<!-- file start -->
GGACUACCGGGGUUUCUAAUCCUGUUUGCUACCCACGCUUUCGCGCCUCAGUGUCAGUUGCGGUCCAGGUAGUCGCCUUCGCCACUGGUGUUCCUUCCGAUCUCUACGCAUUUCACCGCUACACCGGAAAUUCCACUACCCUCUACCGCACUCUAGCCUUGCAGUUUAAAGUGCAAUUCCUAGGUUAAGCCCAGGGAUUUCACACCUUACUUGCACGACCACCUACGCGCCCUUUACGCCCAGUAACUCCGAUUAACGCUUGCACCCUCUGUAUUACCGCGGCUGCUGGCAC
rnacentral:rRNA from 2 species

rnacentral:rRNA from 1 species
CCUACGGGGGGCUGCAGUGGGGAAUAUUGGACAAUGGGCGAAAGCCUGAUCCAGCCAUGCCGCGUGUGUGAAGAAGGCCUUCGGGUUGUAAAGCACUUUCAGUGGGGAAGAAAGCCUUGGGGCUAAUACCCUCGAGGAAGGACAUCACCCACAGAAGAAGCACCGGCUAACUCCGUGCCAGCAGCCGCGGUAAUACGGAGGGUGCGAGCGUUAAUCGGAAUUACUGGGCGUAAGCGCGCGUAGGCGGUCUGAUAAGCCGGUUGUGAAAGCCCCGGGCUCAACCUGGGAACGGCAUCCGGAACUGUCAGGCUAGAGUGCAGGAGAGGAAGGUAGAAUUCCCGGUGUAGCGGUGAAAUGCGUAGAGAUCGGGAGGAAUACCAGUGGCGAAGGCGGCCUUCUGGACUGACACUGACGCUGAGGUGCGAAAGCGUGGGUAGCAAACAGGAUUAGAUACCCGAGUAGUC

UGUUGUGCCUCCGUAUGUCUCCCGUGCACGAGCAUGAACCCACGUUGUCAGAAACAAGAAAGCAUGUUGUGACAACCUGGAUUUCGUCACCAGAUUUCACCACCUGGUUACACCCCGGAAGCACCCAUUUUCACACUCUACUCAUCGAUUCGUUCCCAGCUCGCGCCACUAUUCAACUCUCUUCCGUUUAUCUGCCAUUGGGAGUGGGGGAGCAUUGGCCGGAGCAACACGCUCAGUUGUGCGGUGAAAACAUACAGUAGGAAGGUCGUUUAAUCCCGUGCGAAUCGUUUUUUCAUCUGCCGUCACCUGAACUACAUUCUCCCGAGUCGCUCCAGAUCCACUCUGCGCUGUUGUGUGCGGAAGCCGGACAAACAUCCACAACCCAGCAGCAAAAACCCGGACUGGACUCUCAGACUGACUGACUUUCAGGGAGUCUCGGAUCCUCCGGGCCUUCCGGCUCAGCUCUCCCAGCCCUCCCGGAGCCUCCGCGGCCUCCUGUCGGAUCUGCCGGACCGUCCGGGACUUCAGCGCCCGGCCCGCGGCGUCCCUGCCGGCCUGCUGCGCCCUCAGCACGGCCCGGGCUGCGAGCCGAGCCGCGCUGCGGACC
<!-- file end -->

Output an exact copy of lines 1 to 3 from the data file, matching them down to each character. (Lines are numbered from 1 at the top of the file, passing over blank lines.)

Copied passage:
GGACUACCGGGGUUUCUAAUCCUGUUUGCUACCCACGCUUUCGCGCCUCAGUGUCAGUUGCGGUCCAGGUAGUCGCCUUCGCCACUGGUGUUCCUUCCGAUCUCUACGCAUUUCACCGCUACACCGGAAAUUCCACUACCCUCUACCGCACUCUAGCCUUGCAGUUUAAAGUGCAAUUCCUAGGUUAAGCCCAGGGAUUUCACACCUUACUUGCACGACCACCUACGCGCCCUUUACGCCCAGUAACUCCGAUUAACGCUUGCACCCUCUGUAUUACCGCGGCUGCUGGCAC
rnacentral:rRNA from 2 species

rnacentral:rRNA from 1 species